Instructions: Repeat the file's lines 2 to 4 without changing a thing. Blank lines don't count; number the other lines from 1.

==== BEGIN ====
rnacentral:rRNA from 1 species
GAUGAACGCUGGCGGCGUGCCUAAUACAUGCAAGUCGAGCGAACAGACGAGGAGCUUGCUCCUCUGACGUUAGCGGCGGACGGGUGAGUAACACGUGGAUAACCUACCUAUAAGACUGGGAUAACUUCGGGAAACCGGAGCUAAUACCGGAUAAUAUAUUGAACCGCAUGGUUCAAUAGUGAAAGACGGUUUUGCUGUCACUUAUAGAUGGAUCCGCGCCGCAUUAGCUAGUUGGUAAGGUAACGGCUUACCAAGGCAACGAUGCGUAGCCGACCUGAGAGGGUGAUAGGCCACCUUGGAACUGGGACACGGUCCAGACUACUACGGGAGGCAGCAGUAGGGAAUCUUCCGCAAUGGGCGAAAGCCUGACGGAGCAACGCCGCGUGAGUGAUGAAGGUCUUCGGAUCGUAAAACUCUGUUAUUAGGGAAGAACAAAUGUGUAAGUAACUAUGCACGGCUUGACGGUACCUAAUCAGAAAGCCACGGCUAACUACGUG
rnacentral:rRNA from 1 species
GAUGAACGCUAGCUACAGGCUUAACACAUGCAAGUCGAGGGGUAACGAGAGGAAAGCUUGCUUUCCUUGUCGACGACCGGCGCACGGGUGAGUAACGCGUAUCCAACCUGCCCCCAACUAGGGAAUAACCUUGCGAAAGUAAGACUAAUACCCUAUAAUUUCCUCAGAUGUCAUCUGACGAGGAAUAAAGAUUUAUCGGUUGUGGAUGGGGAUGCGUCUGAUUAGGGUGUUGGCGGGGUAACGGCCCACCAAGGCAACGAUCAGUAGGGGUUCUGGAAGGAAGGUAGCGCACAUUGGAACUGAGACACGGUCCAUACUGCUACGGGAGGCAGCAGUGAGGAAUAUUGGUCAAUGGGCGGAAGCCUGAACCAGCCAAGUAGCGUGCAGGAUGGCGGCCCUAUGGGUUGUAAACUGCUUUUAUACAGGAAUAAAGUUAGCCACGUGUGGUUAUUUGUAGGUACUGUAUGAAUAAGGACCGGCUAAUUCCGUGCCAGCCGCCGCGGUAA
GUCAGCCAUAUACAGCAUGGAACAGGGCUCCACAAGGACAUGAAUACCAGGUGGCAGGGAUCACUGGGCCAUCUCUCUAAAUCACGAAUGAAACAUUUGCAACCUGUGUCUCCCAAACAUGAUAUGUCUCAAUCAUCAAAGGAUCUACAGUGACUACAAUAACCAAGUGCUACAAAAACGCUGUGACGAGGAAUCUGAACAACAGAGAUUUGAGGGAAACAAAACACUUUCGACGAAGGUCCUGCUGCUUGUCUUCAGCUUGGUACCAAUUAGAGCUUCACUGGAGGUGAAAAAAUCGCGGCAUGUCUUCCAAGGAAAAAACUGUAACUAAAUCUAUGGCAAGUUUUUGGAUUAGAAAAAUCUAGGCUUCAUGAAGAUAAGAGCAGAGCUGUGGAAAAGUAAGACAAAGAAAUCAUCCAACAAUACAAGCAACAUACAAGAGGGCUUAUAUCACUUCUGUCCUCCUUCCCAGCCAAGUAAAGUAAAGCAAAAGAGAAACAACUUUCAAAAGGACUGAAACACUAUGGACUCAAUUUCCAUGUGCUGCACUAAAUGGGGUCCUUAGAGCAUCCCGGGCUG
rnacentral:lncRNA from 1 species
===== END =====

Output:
GAUGAACGCUGGCGGCGUGCCUAAUACAUGCAAGUCGAGCGAACAGACGAGGAGCUUGCUCCUCUGACGUUAGCGGCGGACGGGUGAGUAACACGUGGAUAACCUACCUAUAAGACUGGGAUAACUUCGGGAAACCGGAGCUAAUACCGGAUAAUAUAUUGAACCGCAUGGUUCAAUAGUGAAAGACGGUUUUGCUGUCACUUAUAGAUGGAUCCGCGCCGCAUUAGCUAGUUGGUAAGGUAACGGCUUACCAAGGCAACGAUGCGUAGCCGACCUGAGAGGGUGAUAGGCCACCUUGGAACUGGGACACGGUCCAGACUACUACGGGAGGCAGCAGUAGGGAAUCUUCCGCAAUGGGCGAAAGCCUGACGGAGCAACGCCGCGUGAGUGAUGAAGGUCUUCGGAUCGUAAAACUCUGUUAUUAGGGAAGAACAAAUGUGUAAGUAACUAUGCACGGCUUGACGGUACCUAAUCAGAAAGCCACGGCUAACUACGUG
rnacentral:rRNA from 1 species
GAUGAACGCUAGCUACAGGCUUAACACAUGCAAGUCGAGGGGUAACGAGAGGAAAGCUUGCUUUCCUUGUCGACGACCGGCGCACGGGUGAGUAACGCGUAUCCAACCUGCCCCCAACUAGGGAAUAACCUUGCGAAAGUAAGACUAAUACCCUAUAAUUUCCUCAGAUGUCAUCUGACGAGGAAUAAAGAUUUAUCGGUUGUGGAUGGGGAUGCGUCUGAUUAGGGUGUUGGCGGGGUAACGGCCCACCAAGGCAACGAUCAGUAGGGGUUCUGGAAGGAAGGUAGCGCACAUUGGAACUGAGACACGGUCCAUACUGCUACGGGAGGCAGCAGUGAGGAAUAUUGGUCAAUGGGCGGAAGCCUGAACCAGCCAAGUAGCGUGCAGGAUGGCGGCCCUAUGGGUUGUAAACUGCUUUUAUACAGGAAUAAAGUUAGCCACGUGUGGUUAUUUGUAGGUACUGUAUGAAUAAGGACCGGCUAAUUCCGUGCCAGCCGCCGCGGUAA